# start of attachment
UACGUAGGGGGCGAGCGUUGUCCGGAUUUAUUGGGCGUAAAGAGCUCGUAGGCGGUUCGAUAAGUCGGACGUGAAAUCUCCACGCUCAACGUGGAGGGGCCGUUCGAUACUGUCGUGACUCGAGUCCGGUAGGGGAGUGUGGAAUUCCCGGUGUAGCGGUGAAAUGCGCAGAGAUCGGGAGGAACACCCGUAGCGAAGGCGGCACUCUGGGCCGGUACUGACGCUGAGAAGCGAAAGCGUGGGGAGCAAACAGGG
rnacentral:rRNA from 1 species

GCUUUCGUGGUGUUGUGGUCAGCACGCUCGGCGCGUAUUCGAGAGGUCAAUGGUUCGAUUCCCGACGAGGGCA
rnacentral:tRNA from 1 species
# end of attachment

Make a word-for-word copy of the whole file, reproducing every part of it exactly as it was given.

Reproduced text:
UACGUAGGGGGCGAGCGUUGUCCGGAUUUAUUGGGCGUAAAGAGCUCGUAGGCGGUUCGAUAAGUCGGACGUGAAAUCUCCACGCUCAACGUGGAGGGGCCGUUCGAUACUGUCGUGACUCGAGUCCGGUAGGGGAGUGUGGAAUUCCCGGUGUAGCGGUGAAAUGCGCAGAGAUCGGGAGGAACACCCGUAGCGAAGGCGGCACUCUGGGCCGGUACUGACGCUGAGAAGCGAAAGCGUGGGGAGCAAACAGGG
rnacentral:rRNA from 1 species

GCUUUCGUGGUGUUGUGGUCAGCACGCUCGGCGCGUAUUCGAGAGGUCAAUGGUUCGAUUCCCGACGAGGGCA
rnacentral:tRNA from 1 species